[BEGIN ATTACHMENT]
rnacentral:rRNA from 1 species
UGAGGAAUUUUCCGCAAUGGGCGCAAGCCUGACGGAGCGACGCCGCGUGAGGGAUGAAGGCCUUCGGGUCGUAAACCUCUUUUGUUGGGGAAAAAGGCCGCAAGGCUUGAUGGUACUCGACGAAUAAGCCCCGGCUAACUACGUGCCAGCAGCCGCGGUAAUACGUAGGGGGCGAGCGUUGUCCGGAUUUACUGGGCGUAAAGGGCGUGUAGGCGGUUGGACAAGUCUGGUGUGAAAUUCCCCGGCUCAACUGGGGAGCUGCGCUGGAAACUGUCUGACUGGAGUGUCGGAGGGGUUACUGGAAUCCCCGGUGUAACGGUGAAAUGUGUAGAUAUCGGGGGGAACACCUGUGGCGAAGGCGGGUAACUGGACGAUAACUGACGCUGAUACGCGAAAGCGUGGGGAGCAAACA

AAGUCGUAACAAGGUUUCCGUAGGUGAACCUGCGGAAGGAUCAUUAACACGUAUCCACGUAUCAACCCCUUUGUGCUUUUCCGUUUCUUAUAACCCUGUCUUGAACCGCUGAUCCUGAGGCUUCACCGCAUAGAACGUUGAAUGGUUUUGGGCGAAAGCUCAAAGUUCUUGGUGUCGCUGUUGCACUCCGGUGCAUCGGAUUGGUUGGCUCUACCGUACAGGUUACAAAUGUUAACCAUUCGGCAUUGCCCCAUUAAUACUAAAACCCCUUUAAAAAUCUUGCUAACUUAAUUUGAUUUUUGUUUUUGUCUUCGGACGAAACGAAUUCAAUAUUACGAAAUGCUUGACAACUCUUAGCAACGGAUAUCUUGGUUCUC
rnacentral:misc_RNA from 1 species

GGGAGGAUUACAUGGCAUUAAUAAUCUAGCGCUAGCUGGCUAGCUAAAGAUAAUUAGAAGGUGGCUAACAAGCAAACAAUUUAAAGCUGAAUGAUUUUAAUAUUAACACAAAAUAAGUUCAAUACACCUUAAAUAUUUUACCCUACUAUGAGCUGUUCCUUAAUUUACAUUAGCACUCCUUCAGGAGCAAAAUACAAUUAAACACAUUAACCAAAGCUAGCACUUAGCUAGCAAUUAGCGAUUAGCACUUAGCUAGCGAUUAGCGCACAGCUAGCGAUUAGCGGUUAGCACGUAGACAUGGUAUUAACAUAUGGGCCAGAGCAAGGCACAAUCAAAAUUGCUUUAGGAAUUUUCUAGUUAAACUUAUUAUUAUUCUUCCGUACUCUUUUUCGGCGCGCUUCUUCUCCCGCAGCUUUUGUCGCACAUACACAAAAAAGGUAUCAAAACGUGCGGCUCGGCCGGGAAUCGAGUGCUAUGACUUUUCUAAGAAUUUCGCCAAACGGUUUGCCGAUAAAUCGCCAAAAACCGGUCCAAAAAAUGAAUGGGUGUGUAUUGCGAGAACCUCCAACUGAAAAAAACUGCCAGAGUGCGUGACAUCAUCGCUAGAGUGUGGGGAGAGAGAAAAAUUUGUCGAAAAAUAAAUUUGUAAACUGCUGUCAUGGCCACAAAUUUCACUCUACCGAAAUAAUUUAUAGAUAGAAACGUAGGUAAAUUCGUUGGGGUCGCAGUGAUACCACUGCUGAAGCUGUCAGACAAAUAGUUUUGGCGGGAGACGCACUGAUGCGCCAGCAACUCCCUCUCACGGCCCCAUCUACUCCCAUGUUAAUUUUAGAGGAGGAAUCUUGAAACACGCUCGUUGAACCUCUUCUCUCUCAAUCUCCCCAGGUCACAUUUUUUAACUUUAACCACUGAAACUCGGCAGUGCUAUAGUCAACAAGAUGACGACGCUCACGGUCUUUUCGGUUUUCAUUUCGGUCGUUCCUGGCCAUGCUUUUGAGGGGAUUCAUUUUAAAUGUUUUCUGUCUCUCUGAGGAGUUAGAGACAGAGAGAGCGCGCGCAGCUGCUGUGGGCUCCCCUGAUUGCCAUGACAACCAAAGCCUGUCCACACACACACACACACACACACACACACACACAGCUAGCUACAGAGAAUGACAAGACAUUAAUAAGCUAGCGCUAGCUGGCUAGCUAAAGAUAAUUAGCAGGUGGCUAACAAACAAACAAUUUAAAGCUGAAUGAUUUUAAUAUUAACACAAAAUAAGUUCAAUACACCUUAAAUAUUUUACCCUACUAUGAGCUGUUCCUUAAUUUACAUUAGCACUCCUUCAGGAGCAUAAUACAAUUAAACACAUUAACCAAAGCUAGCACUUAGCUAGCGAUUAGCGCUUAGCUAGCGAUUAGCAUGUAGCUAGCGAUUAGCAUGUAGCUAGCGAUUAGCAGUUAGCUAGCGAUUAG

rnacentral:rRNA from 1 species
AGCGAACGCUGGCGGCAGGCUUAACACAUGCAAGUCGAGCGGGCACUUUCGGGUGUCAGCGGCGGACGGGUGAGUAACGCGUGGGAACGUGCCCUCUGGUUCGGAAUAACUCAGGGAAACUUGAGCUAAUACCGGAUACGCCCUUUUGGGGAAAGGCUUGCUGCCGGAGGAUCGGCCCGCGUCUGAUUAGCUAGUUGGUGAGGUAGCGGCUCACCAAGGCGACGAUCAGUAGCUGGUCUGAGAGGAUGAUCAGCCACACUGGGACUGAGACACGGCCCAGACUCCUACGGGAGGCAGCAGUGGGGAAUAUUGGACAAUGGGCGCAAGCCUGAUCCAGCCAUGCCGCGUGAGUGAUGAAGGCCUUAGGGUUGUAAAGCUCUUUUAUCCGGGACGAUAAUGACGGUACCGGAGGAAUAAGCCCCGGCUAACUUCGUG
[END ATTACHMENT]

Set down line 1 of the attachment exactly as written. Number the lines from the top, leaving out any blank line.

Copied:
rnacentral:rRNA from 1 species